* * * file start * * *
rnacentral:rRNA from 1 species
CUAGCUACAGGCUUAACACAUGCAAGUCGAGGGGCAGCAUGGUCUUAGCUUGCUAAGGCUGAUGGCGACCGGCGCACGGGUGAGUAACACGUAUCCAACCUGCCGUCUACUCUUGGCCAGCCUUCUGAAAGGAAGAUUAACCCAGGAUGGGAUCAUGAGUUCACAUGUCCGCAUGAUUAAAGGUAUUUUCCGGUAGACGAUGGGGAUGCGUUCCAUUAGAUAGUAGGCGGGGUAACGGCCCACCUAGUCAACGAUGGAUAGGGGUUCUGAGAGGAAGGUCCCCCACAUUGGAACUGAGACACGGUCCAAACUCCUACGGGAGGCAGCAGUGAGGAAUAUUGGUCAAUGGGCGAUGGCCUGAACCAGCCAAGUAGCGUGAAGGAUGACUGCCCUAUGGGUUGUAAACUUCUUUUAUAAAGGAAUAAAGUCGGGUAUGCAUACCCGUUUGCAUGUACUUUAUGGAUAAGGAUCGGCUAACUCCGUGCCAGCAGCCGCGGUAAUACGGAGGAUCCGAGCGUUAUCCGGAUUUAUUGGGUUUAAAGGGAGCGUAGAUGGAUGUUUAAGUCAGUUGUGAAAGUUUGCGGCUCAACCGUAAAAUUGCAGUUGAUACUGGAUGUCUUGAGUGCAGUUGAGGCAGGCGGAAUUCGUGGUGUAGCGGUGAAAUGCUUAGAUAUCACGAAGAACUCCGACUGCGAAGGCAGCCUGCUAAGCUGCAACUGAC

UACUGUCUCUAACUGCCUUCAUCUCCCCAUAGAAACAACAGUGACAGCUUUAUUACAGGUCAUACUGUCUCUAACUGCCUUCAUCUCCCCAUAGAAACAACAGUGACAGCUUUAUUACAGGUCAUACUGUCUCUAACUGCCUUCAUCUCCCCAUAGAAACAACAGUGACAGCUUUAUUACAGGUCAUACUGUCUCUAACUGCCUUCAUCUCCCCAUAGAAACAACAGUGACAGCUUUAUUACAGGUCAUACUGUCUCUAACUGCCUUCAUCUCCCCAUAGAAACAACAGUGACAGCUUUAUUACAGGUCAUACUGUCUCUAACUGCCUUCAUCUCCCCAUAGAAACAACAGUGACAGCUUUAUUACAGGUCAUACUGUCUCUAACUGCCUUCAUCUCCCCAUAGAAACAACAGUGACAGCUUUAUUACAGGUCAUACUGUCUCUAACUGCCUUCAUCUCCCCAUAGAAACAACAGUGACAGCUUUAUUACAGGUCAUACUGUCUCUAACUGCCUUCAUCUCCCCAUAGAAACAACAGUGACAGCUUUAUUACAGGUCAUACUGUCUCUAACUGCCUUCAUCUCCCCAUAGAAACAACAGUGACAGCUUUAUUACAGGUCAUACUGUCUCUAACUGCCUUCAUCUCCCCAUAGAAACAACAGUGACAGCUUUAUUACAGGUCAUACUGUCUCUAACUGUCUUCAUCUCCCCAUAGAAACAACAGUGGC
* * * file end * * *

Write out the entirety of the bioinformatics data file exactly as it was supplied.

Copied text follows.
rnacentral:rRNA from 1 species
CUAGCUACAGGCUUAACACAUGCAAGUCGAGGGGCAGCAUGGUCUUAGCUUGCUAAGGCUGAUGGCGACCGGCGCACGGGUGAGUAACACGUAUCCAACCUGCCGUCUACUCUUGGCCAGCCUUCUGAAAGGAAGAUUAACCCAGGAUGGGAUCAUGAGUUCACAUGUCCGCAUGAUUAAAGGUAUUUUCCGGUAGACGAUGGGGAUGCGUUCCAUUAGAUAGUAGGCGGGGUAACGGCCCACCUAGUCAACGAUGGAUAGGGGUUCUGAGAGGAAGGUCCCCCACAUUGGAACUGAGACACGGUCCAAACUCCUACGGGAGGCAGCAGUGAGGAAUAUUGGUCAAUGGGCGAUGGCCUGAACCAGCCAAGUAGCGUGAAGGAUGACUGCCCUAUGGGUUGUAAACUUCUUUUAUAAAGGAAUAAAGUCGGGUAUGCAUACCCGUUUGCAUGUACUUUAUGGAUAAGGAUCGGCUAACUCCGUGCCAGCAGCCGCGGUAAUACGGAGGAUCCGAGCGUUAUCCGGAUUUAUUGGGUUUAAAGGGAGCGUAGAUGGAUGUUUAAGUCAGUUGUGAAAGUUUGCGGCUCAACCGUAAAAUUGCAGUUGAUACUGGAUGUCUUGAGUGCAGUUGAGGCAGGCGGAAUUCGUGGUGUAGCGGUGAAAUGCUUAGAUAUCACGAAGAACUCCGACUGCGAAGGCAGCCUGCUAAGCUGCAACUGAC

UACUGUCUCUAACUGCCUUCAUCUCCCCAUAGAAACAACAGUGACAGCUUUAUUACAGGUCAUACUGUCUCUAACUGCCUUCAUCUCCCCAUAGAAACAACAGUGACAGCUUUAUUACAGGUCAUACUGUCUCUAACUGCCUUCAUCUCCCCAUAGAAACAACAGUGACAGCUUUAUUACAGGUCAUACUGUCUCUAACUGCCUUCAUCUCCCCAUAGAAACAACAGUGACAGCUUUAUUACAGGUCAUACUGUCUCUAACUGCCUUCAUCUCCCCAUAGAAACAACAGUGACAGCUUUAUUACAGGUCAUACUGUCUCUAACUGCCUUCAUCUCCCCAUAGAAACAACAGUGACAGCUUUAUUACAGGUCAUACUGUCUCUAACUGCCUUCAUCUCCCCAUAGAAACAACAGUGACAGCUUUAUUACAGGUCAUACUGUCUCUAACUGCCUUCAUCUCCCCAUAGAAACAACAGUGACAGCUUUAUUACAGGUCAUACUGUCUCUAACUGCCUUCAUCUCCCCAUAGAAACAACAGUGACAGCUUUAUUACAGGUCAUACUGUCUCUAACUGCCUUCAUCUCCCCAUAGAAACAACAGUGACAGCUUUAUUACAGGUCAUACUGUCUCUAACUGCCUUCAUCUCCCCAUAGAAACAACAGUGACAGCUUUAUUACAGGUCAUACUGUCUCUAACUGUCUUCAUCUCCCCAUAGAAACAACAGUGGC